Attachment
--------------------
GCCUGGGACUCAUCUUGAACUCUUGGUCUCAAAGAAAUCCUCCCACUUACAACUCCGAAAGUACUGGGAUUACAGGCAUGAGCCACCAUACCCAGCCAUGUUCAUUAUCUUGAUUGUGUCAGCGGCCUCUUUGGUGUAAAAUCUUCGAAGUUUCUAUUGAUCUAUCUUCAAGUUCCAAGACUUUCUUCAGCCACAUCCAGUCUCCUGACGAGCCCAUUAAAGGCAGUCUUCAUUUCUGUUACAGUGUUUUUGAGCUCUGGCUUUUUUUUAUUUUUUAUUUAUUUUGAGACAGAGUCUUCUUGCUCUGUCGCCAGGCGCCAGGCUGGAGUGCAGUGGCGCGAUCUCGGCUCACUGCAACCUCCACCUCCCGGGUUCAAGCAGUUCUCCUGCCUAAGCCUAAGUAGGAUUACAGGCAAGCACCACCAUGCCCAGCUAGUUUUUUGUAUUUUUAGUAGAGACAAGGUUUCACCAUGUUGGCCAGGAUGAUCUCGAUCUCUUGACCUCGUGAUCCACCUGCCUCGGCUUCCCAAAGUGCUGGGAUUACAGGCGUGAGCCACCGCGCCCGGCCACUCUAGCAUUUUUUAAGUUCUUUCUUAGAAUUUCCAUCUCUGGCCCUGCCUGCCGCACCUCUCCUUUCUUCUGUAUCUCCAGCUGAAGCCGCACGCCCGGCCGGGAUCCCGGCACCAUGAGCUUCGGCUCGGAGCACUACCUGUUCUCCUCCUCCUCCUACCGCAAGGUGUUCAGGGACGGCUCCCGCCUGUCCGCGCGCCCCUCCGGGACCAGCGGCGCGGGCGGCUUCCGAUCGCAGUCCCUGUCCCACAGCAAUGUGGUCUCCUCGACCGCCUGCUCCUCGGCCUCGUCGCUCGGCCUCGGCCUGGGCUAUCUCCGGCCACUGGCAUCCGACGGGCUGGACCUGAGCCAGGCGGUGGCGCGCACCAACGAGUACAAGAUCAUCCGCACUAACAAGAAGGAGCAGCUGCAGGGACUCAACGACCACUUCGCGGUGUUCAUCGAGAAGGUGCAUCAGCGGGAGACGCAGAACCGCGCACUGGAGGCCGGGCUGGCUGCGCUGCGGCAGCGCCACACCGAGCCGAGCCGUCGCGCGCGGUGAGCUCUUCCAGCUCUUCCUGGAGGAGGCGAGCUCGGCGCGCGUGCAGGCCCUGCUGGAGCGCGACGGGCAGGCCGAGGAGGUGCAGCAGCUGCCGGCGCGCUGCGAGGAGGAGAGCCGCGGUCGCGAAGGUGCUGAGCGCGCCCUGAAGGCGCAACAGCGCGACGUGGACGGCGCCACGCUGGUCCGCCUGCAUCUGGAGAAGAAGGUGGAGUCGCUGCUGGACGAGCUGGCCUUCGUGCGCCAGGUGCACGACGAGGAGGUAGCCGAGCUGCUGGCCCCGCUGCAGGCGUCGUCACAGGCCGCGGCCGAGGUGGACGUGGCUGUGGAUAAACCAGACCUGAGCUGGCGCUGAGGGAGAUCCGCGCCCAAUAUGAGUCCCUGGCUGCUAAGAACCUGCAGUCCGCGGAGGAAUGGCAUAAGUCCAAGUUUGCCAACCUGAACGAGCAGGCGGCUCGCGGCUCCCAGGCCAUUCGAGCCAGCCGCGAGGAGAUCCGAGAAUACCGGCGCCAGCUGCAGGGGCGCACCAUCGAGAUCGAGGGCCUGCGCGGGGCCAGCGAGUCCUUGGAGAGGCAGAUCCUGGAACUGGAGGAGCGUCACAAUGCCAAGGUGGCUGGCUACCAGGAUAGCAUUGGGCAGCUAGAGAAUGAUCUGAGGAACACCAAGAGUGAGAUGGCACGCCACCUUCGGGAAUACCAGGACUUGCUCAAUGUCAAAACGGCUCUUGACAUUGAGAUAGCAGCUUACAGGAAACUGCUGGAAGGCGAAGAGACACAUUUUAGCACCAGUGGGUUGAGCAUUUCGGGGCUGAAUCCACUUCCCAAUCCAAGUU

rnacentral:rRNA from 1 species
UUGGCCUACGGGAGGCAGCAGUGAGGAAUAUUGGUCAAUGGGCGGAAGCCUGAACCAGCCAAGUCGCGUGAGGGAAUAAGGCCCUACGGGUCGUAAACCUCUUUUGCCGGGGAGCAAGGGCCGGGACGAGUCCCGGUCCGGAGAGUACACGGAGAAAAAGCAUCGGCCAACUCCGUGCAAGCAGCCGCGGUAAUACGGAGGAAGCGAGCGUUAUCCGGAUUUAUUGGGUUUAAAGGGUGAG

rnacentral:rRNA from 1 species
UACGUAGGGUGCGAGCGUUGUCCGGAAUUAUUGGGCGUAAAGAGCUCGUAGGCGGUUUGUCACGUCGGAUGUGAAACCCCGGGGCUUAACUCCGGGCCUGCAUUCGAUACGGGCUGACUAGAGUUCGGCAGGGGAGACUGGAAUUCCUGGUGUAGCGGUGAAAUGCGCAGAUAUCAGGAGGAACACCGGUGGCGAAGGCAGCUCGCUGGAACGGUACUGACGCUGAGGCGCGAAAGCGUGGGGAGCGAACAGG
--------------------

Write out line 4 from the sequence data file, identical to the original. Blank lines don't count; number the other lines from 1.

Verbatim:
rnacentral:rRNA from 1 species